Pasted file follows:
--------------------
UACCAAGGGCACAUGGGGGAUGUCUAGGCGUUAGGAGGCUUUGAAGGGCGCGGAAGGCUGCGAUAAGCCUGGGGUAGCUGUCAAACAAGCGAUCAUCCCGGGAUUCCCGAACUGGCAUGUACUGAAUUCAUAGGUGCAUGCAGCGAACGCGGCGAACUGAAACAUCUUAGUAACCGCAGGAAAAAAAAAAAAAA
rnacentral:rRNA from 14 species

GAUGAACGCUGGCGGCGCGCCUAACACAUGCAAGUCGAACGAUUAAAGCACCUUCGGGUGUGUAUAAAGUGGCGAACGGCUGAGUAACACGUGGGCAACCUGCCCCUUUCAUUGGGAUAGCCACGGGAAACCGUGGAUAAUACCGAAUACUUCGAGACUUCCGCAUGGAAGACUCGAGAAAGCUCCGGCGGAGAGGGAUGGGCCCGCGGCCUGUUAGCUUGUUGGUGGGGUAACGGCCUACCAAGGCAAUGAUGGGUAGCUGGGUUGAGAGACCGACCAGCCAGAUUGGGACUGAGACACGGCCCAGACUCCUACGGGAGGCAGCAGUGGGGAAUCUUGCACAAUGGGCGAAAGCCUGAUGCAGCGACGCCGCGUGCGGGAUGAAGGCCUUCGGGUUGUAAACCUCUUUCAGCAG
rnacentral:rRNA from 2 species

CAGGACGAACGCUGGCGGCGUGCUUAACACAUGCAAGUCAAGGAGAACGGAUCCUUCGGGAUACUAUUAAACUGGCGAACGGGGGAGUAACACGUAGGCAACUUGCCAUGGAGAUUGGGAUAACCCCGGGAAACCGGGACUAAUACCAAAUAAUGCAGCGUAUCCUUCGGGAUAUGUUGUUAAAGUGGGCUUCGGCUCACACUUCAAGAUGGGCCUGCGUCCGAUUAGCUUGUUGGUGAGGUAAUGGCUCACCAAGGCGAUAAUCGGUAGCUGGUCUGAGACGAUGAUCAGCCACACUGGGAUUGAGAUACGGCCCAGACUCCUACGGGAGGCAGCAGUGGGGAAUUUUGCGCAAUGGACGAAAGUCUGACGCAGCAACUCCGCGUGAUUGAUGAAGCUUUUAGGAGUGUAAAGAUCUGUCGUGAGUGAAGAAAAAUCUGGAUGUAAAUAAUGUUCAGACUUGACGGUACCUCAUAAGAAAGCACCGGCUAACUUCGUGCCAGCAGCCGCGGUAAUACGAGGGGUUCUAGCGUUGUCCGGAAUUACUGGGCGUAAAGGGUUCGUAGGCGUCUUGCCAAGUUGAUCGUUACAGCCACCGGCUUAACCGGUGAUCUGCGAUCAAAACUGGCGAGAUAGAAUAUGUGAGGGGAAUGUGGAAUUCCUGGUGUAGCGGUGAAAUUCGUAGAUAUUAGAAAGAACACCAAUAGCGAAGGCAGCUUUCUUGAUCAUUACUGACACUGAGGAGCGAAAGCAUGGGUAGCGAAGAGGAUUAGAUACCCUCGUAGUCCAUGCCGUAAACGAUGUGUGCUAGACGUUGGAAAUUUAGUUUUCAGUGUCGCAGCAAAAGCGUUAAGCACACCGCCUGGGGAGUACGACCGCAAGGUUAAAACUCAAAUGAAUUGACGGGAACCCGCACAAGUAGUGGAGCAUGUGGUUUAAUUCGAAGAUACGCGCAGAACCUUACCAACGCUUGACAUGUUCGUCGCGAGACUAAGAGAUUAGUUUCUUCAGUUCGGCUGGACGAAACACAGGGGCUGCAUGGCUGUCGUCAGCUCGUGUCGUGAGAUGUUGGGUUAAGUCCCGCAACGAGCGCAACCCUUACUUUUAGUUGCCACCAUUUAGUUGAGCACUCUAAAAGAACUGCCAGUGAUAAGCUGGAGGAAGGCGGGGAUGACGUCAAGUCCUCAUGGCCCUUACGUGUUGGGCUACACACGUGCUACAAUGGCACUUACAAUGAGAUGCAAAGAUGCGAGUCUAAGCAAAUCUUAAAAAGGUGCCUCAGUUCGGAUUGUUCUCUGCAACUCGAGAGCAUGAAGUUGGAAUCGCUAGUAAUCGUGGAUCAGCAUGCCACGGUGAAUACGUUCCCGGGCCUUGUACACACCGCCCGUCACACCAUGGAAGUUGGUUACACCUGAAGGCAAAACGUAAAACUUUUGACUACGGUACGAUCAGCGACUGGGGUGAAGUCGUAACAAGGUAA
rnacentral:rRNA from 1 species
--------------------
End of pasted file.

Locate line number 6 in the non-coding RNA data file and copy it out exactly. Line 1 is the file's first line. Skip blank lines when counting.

rnacentral:rRNA from 1 species